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More Tea Language Liquor

More Tea Language  Describing Liquors
Autumnal Tea manufactured during autumn is known as autumnal tea. The leaf obtained after final firing in that period is reddish in colour, but with varying degrees of flavour and aroma, for which customer prefers it.
Baggy taint from hessian or sacking.
Bouquet superlative flavor.
Burn fully fired.
Burnt subjected to extremely high temperature
Clean lacking in character but no unpleasant taint or taste
Cold Weather tea produces after monsoons.
Contamination foreign taste.
Creamy precipitate obtained after cooling. This hot water soluble combination of condensation compounds and caffeine separates out as a 'cream' on cooling. A bright cream indicates good quality tea whereas dull or muddy cream is indicative inferior liquor. 
Earthy taste due to storage under damp conditions.
Empty lacking fullness and substance.
Fruity unpleasant overripe taste. This is descriptive of a defective taste in liquor developed through excessive fermentation and subsequent bacterial infection
Fully Fired slightly over-fired.
Geranium reminiscent of aroma of geranium found in certain Darjeelings.
Gone off past its time.
Golden (Self-explanatory)
Grassy teas without physical or chemical wither
Green/Greenish early first flush.
High-fired This describes liquor from tea which has had prolonged exposure to fire.
Lacking clean tasting without obvious characteristics.
Metallic bitter metallic taste.
Minty mint-like flavor.
Mouldy gone off through age or damaged by water.
Mushy flat:soggy.
Musty A suspicion of mold.
New not having had sufficient time to mellow.
Nose aroma.
Out of Condition (Self-explanatory)
Old see flat.
Pale lacking colour except in GREEN teas where liquors should be pale.
Papery paper taint.
Peachy flavor of certain fine Darjeelings.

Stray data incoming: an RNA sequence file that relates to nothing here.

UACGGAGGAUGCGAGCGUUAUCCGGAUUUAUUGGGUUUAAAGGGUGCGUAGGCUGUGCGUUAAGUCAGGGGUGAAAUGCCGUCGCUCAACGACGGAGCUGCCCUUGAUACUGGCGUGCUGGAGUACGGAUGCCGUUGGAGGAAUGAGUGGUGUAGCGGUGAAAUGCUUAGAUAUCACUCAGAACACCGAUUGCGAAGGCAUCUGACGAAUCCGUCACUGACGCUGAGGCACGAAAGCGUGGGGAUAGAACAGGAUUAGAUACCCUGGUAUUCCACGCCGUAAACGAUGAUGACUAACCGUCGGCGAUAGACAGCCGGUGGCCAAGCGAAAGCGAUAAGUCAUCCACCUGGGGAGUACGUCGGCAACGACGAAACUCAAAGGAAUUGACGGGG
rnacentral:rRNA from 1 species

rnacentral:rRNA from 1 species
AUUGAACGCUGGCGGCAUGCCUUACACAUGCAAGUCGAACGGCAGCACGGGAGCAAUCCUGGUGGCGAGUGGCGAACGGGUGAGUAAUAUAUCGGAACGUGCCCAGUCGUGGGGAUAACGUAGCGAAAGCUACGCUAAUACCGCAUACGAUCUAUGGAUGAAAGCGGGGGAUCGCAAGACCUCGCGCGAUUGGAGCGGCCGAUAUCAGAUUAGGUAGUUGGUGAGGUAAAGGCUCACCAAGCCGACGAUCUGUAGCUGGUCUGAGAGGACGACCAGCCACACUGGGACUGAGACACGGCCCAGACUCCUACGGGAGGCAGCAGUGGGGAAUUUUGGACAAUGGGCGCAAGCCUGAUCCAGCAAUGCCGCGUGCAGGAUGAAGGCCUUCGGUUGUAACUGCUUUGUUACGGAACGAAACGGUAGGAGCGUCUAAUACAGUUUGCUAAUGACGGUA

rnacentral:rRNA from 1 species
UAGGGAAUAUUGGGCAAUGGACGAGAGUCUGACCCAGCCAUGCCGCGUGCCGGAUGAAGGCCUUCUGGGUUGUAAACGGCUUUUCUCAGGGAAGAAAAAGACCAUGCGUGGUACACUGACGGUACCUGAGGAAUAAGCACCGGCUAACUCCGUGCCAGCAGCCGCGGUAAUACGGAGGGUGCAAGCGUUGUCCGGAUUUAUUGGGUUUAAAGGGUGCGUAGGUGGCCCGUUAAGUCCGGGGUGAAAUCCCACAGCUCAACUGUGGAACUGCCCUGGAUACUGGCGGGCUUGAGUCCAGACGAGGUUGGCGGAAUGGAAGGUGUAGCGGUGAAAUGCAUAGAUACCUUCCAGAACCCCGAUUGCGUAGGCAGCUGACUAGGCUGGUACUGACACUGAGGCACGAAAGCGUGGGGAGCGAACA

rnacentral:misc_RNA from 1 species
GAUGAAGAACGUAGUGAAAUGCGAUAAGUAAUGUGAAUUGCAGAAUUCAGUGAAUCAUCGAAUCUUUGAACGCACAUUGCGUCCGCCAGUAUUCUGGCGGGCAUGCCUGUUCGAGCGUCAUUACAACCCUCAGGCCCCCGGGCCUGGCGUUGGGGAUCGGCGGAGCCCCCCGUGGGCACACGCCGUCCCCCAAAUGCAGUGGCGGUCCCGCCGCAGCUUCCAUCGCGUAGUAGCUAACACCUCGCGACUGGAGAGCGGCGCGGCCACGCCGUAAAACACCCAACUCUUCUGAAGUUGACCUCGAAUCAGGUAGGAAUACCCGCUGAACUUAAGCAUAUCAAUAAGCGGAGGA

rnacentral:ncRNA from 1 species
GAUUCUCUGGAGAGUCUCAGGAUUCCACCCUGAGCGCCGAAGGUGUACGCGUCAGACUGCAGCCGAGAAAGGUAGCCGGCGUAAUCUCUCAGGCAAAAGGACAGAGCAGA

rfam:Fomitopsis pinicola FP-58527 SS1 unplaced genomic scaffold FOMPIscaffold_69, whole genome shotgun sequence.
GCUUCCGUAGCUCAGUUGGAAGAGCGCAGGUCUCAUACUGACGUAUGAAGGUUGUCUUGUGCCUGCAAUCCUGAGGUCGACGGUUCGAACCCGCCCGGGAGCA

Pinky brighter more pink and delicate then coloury.
Plain   This refers to poor quality tea produced during the monsoons. Plain tea is a result of soft withering, excessive heating, or excessive moisture in the leaf during withering
most desirable brightness and acidity.
Pre - Autumnal (Self-explanatory)
Quality Essential & desirable  characteristics of good tea.
Rains/Rainy North Indian teas produces during monsoons
Raspberry flavor akin to raspberry.
Raw immature. This describes liquor produced from insufficiently fermented leaf.
Scorched associated with dryness.
Self-drinking palatable in itself not requiring blending.
Slatey describes colour
Smoky This is a defect of tea liquor caused by a faulty direct heater or leakage in the pipes of an indirect heater.
Soggy heavy dull liquor.
Soft This describes liquor lacking in briskness and brightness. This is caused by bacterial action and over-fermentation
Spicy Character suggestive to spice.
Stewed /Stewy This is a defect that develops during faulty frying procedures. When the exhaust temperature is kept low and fermentation exceeds the required period, the leaf gets 'stewed'
Sweaty unpleasant taste.
Taint foreign Characteristic.
Tinny (Self-explanatory)
Toasty caused by over- firing.
Unsound tainted or lacking keeping properties
Weathery unpleasant taste on some rains teas
Wild autumnal teas past their prime.
Winey overfermented under sterile condition
Weedy thin : cabbagy
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